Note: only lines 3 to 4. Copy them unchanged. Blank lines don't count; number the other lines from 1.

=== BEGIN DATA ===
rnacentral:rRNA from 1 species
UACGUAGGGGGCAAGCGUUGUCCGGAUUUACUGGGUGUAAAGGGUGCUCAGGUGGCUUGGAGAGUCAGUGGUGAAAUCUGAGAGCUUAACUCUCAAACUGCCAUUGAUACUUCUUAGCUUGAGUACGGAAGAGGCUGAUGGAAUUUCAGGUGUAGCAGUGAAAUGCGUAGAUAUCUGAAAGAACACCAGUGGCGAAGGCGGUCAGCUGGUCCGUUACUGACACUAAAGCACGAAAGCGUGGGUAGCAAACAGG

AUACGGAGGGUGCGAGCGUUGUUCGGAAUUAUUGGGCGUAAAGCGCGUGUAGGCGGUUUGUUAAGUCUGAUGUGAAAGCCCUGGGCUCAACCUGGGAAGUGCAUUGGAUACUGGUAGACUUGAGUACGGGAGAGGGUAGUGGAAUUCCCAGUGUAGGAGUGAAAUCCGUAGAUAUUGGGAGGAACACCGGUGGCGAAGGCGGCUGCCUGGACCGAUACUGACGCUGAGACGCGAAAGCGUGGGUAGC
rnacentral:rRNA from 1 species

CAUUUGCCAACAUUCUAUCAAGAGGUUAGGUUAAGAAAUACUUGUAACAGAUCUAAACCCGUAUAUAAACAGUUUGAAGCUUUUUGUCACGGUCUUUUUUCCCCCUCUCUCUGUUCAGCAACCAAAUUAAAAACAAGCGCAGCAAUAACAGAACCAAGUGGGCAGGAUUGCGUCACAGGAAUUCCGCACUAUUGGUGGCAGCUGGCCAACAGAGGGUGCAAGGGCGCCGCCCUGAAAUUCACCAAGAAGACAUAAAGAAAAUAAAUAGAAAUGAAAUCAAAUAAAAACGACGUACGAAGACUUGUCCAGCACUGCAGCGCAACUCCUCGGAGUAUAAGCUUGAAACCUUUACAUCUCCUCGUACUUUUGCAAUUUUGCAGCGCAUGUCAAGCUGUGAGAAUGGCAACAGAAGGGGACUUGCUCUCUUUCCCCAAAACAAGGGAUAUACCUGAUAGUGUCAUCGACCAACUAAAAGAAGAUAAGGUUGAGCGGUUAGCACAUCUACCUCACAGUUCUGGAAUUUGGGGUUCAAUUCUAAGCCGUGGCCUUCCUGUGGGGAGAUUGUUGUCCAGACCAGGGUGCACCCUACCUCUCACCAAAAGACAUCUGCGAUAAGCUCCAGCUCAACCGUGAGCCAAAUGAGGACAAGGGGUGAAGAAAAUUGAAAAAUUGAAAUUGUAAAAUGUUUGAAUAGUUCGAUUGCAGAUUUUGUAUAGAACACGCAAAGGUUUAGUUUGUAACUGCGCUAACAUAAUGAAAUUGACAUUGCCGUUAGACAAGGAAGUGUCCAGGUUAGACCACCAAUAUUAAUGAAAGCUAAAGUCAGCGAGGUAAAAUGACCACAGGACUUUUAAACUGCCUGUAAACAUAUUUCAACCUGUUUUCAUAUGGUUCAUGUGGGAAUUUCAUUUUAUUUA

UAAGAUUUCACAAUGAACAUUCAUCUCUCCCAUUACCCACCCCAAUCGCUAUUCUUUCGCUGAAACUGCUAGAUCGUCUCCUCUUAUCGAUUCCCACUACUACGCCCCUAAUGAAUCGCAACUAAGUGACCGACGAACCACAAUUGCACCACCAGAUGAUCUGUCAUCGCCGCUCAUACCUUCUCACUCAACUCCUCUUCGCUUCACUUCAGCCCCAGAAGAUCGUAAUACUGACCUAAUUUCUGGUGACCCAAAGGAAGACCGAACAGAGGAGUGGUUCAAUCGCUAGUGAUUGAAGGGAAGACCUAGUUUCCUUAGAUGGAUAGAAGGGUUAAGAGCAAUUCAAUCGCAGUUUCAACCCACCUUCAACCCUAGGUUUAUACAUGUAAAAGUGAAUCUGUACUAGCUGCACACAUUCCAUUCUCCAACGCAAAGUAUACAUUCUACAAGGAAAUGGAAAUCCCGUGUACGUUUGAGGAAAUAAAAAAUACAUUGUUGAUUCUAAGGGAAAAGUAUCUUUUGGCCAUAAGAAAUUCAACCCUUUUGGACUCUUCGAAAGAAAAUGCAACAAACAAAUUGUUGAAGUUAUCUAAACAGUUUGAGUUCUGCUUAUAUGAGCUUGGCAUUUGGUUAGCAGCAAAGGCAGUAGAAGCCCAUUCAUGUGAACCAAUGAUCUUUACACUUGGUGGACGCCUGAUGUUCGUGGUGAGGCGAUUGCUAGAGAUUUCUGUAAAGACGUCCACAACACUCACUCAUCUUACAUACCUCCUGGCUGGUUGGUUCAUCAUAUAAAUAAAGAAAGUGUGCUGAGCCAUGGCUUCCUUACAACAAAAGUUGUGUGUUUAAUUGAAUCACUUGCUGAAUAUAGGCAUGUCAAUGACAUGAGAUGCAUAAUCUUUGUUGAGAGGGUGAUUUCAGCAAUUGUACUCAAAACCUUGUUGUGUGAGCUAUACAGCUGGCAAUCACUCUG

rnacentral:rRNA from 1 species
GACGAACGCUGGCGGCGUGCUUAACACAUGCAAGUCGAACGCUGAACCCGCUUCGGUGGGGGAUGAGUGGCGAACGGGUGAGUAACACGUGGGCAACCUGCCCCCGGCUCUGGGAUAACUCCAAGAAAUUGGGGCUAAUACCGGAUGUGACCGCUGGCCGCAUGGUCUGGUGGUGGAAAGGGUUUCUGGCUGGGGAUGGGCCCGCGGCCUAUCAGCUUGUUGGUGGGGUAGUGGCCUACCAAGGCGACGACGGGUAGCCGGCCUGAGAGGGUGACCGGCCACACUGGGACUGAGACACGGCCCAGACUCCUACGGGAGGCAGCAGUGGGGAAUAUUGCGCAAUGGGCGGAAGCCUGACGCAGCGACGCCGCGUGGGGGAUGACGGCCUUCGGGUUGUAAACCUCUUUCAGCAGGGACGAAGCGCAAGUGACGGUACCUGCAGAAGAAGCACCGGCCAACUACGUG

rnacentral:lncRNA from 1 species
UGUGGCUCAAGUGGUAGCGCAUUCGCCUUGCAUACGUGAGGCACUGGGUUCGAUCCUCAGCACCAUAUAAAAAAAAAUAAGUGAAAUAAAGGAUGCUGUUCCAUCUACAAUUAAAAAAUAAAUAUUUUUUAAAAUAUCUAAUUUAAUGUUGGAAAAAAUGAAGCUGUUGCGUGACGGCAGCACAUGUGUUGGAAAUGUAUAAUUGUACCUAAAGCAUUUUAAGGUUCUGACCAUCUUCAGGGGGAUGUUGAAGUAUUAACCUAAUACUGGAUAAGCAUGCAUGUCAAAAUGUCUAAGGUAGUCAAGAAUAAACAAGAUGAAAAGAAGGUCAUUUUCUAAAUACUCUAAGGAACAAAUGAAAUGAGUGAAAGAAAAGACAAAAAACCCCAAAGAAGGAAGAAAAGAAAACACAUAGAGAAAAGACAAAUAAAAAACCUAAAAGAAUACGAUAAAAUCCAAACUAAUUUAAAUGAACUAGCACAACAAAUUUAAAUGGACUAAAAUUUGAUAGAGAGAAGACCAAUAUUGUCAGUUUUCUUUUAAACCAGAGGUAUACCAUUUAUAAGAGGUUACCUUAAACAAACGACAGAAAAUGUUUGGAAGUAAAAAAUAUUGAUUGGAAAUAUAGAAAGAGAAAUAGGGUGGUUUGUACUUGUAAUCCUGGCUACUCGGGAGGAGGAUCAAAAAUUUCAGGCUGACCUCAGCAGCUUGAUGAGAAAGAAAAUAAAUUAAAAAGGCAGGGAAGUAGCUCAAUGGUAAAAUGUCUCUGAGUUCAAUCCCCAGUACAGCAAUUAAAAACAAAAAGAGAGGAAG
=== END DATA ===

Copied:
AUACGGAGGGUGCGAGCGUUGUUCGGAAUUAUUGGGCGUAAAGCGCGUGUAGGCGGUUUGUUAAGUCUGAUGUGAAAGCCCUGGGCUCAACCUGGGAAGUGCAUUGGAUACUGGUAGACUUGAGUACGGGAGAGGGUAGUGGAAUUCCCAGUGUAGGAGUGAAAUCCGUAGAUAUUGGGAGGAACACCGGUGGCGAAGGCGGCUGCCUGGACCGAUACUGACGCUGAGACGCGAAAGCGUGGGUAGC
rnacentral:rRNA from 1 species